Superstorm Sandy Damage New Jersey

Tom Kaminski/WCBS 880

NJ Environmentalists Say More Needs To Be Done To Protect Flood-Prone Areas

October 26, 2018 - 5:02 pm

TRENTON, N.J. (WCBS 880) -- It’s been nearly six years since Hurricane Sandy, and environmentalists say New Jersey hasn’t done enough to prepare for another major storm. 

Gov. Phil Murphy has made verbal commitments to fighting climate change and rising sea levels, but it's not enough, says Jeff Tittel with the NJ Sierra Club.

"We didn't really elevate or really protect many of these vital pieces of infrastructure like water and sewer lines, gas line and the boardwalks," he says. "There's a study done last year  that said that we're now 17 times more likely to have another storm event as bad as Sandy as we were at the time of Sandy."

A Rutgers study finds sea levels may rise almost three feet by the end of the century. Tittel says fish are living in storm drains and roads go underwater when there's a full moon, and he says there's an increased spread of salt water intrusion because reservoir levels are so low.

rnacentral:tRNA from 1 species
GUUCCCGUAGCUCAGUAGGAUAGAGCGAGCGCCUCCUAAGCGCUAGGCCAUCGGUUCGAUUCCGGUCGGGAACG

The problems can't be solved overnight, but Tittel says progress can be made if Gov. Murphy undoes some of the weaker regulations on water protections imposed by his predecessor.

"Gov. (Chris) Christie closed the Office of Climate Change and the Office of Climate Adaptation, and Gov. Murphy could re-open those offices and start moving forward on not only reversing some of those rules that Christie weakened but move forward on other things to help make us more resilient," Tittel said. 

He also suggests restoring wetlands, tidal marshes and stream corridors.

Meanwhile, officials have approved a $230 million plan to protect Hoboken, Jersey City and Weehawken from the type of flooding seen during Sandy. The plan calls for flood walls protecting neighborhoods, a NJ Transit rail yard, a hospital, and police and fire stations.